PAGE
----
“We only packed four sets of clothes and one pair for Sunday’s best. As for Jayni, she was allowed to bring one stuffed toy,” Joram shares.
A different kind of adventureADVERTISEMENT - CONTINUE READING BELOW
The Equipado family crossed Cambodia for seven days from Phnom Penh to Poipet, Thailand’s border. It was the “easy” part of the journey because they were familiar with the roads and could communicate with the locals. But they experienced extreme heat during noontime or sudden downpour in the afternoons, which caused delays. “In some parts where we could not find any shelter, we just had to pedal our way through using raincoats and covered the trailer of Jayni,” Joram says. “We had seven flat tires due to punctures — five of that happened in Cambodia.”
The next stop was Thailand, the longest route of the journey but also the most scenic one. “We struggled a lot communicating with the locals but we found Google Translate very helpful. We also enjoyed the food and the hours of cycling on bike lanes,” Joram shares.ADVERTISEMENT - CONTINUE READING BELOW
Their ride through Malaysia was the hardest and the most tiring. They were not allowed to bike on the highways, so they took narrow old roads with lots of hill climbs. “There was one instance where we were still cycling up to 11 p.m. trying to find a place to stay for the night,” Joram shares. The family still managed to swing by popular tourist spots like Cameron Highlands and Legoland.
On August 9, 2019, the family crossed the Border of Johor Baru to Singapore, just in time for Singapore’s Independence Day. Here, they only did five kilometers of cycling because the country’s laws prohibited their bike type, plus the trailer, for road use. The family opted to call a van to bring them to their final destination in the city center.ADVERTISEMENT - CONTINUE READING BELOW
Traveling made a shy child come out of her shell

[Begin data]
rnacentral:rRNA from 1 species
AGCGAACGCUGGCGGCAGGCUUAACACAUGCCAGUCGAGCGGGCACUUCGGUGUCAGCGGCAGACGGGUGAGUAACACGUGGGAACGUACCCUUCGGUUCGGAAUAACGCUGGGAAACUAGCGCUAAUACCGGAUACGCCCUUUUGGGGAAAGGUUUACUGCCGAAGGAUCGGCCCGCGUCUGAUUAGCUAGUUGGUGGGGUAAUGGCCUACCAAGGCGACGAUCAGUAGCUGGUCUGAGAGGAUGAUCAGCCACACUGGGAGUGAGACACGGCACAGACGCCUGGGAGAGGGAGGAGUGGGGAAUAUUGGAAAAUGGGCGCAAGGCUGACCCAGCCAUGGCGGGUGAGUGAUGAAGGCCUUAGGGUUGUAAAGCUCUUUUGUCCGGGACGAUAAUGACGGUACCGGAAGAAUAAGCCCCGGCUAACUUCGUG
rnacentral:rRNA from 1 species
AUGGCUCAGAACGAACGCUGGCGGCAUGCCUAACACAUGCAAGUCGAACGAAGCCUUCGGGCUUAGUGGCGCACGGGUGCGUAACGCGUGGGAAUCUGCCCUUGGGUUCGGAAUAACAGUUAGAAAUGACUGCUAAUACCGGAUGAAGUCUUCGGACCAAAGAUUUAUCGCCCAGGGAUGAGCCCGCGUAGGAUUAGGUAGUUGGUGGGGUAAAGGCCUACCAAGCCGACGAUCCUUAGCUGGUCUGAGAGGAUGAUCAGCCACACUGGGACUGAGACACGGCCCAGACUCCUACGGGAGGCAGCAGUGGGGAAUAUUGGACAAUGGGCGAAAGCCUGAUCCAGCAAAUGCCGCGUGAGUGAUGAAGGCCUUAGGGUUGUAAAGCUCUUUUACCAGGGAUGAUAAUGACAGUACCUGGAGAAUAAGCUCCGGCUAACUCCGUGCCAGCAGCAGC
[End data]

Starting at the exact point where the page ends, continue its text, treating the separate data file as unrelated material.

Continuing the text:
Joram says the best part of the journey was cycling from country to country as a family, enjoying God’s creations, and experiencing good Samaritans who showed kindness and generosity along the way.
Though there were a lot of people who expressed misgivings about taking their toddler along, Joram says he is thankful their daughter joined them in their trip.
“Jayni came out of her shell during this journey. Before she would only talk a lot inside our tiny apartment and with people she knows. But on the road, we noticed she approached almost everyone and even asked for their names,” he says. “Or she would introduce herself and told people about the things she saw and experienced.”
Jayni, who would have tantrums in Cambodia, was well-behaved during their travels. Her parents said she was also a picky eater, but she adjusted to the different food offered to her. Joram says, “She always had this wide-eyed expression that showed she was so eager to learn and make friends with other adults and kids along the way.”ADVERTISEMENT - CONTINUE READING BELOW
He adds, “She learned a lot of new vocabulary as well and she’s more active and talkative than before. I guess her world became bigger and brighter. Her faith and trust in us and God also grew deeper.”
Deepening their faith and relationship as a family
The Freedom Ride raised US$4,856 (around Php252,000), and every dollar went to the Daughters of Cambodia for their counseling and medical sessions, daycare, salary, food, and rent.
For Joram, the 40-day journey strengthened their faith and confidence in God. He was also changed by the trip. “The way I [treat] my family as a husband and father changed,” he shares. “I became more intentional in providing for them, protecting them, and planning for their future. I learned to give authority and trust to my wife for the things that she is in charge with instead of being bossy.ADVERTISEMENT - CONTINUE READING BELOW
The adventure also taught him to appreciate the simple things. “I learned to identify the essentials and non-essentials in life. We can be happy and content not having all the luxuries and hoarding material things. As of now, we are starting to follow a minimalist lifestyle,” he says.
With their experience, we can expect this couple to have more adventures as a family. Their next charity bike ride: Taiwan, China, Macau, then Hong Kong! "God-willing, next year!" Jerom says.
We found another Pinoy couple who is raising their kid in Cambodia! Click here to read why Cambodia is considered one of the most family-friendly countries.